The Bitterroot fished well this weekend. Not to over inflate, I would say that the dry fly fishing was “Fair” on some banks and “Good” on others. We saw lots of Skwalas, Nemouras, and capnias. We also saw a few larger mayflies. March Browns? You tell me. The water is still high so some of the classic banks seemed a little pushy for skwala fishing. They were sitting in heavier water than we expected but the fish seemed to want to eat the bug regardless.
As far a bugs we threw the Rastaman Skwala, The PK Stone, The Bullethead Skwala. in the morning they are the Skiddish Smolt for a streamer and a pink worm/Rubber Legs for a nymph rig. We have a plethora of those bugs here at the shop.
The USGS Graphs are showing some consistency in a flat or downward trend. That means that the fishing should improve everyday. As long as we don’t get another push of water the spring fishing seems to have returned.
Stop by the shop for any of your Spring needs. We are totally stocked and ready to rock.
Well there is no two ways around it… The rivers have gone up. Significantly.
As of this morning then graphs look to have slowed down or plateaued. While this bump may have put the spring fishing on hold, it will help clean out the winter sludge in the rivers.
When the water starts dropping things will be game on again. Until then, take advantage of the lull and stock up your boxes. It’s easy to get caught up in “Skwala Fever” and completely ignore the fact that we have other bugs coming up. Don’t forget your PMD’s, Yellow Sallies, Hoppers, ants, and Beetles. In the long run they will play a bigger role than skwalas in your fishing.
Take this intermission in spring fishing to stop by the shop and stock up on tying materials.
Skwalas. When will the dry fly fishing be what we have all been dreaming about since November? Well your guess is as good as mine. The general idea is that Skwala’s need a water temperature between 42-47 degrees to hatch. Some people agree on the lower end and other agree on the upper end of that scale. The cool thing about Skwala’s is that they are a relatively “New” bug in the research sense. They have only recently (20 years) become a popular hatch and noticed by most anglers. Sure some people have been fishing the hatch longer, but for the entire community they are a new bug. The other piece of the puzzle is getting temp readings from the river. The USGS stations offer temp readings, but only on a seasonal timeframe. So to get a temp you are going to have to do it the “old school” way. Go out and stick your hand in the water. The only way to know for sure when the water is warm enough for Skwalas to show up is to take a temp reading when you start to see the bugs. Do it this year. It will give you a leg up for future seasons and a little science never hurt anyone.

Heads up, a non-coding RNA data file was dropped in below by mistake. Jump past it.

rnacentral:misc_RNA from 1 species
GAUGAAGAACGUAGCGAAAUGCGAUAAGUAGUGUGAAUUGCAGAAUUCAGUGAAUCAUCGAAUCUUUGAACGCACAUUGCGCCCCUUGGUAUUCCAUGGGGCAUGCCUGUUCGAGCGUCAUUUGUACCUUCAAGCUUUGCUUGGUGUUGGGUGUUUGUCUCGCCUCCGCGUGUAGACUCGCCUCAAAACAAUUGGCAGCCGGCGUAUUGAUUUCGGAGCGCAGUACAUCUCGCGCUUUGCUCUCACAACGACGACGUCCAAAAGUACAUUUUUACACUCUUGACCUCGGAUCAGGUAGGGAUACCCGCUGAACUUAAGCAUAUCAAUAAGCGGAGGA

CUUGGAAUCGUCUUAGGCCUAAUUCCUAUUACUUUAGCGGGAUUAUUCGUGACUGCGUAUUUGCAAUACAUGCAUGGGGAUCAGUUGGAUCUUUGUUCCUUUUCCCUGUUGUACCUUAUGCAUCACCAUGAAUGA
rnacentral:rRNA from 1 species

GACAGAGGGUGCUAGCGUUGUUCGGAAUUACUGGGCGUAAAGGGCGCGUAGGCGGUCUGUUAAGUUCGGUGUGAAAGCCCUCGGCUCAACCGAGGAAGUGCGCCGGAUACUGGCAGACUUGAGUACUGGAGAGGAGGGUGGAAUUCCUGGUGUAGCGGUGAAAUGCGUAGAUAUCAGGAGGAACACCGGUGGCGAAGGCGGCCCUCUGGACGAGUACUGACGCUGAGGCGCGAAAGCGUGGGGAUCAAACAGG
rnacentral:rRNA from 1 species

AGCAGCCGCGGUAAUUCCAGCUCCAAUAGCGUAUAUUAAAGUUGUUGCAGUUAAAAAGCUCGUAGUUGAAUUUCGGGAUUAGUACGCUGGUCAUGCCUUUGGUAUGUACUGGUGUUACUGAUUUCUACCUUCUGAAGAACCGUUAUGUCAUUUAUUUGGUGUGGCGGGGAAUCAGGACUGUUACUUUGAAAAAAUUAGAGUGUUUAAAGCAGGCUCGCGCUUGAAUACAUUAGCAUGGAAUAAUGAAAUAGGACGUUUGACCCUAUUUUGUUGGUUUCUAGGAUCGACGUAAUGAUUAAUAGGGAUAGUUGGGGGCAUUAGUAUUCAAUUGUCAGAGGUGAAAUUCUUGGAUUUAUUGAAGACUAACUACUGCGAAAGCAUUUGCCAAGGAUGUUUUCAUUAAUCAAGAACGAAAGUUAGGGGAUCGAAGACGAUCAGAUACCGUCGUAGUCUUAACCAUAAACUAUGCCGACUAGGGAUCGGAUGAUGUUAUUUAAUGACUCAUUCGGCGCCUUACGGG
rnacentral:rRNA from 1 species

March Brown/Rhithrogena/What Ever You Call Em’s: “The Difference Maker”. Some days the big stonefly pattern just doesn’t produce. When you are flummoxed and there are fish eating, Throw the mayfly. These bugs are the first big mayflies to show us since fall. There are many days when the trout will completely ignore the skwala and shift their focus to the mayflies. When that happens you can have some fantastic headhunting or some great pods of fish to shoot at.
When,Where, and How:This weekend and next week look to be about as beautiful as we can hope for in the spring. That being said, expect for everyone to have the same idea. Go Fishing. Cabin fever is the worst this time of year and a day on the water is a perfect remedy. If you are one of those people who cant stand seeing other folks on the water it’s time to think out of the box. Don’t out your boat in at Tucker or Bell at 10am. Maybe go for a long walk down a Bitterroot side channel that boats cant fit into. Maybe explore a part of The Blackfoot that you have never been to. Walk and wade the upper Clark Fork. Or spend a day on Upper Rock Creek. We are lucky in Missoula to have over 300 miles of water within an hours drive. Don’t confine yourself to 15 miles of The Bitterroot if you want some solitude.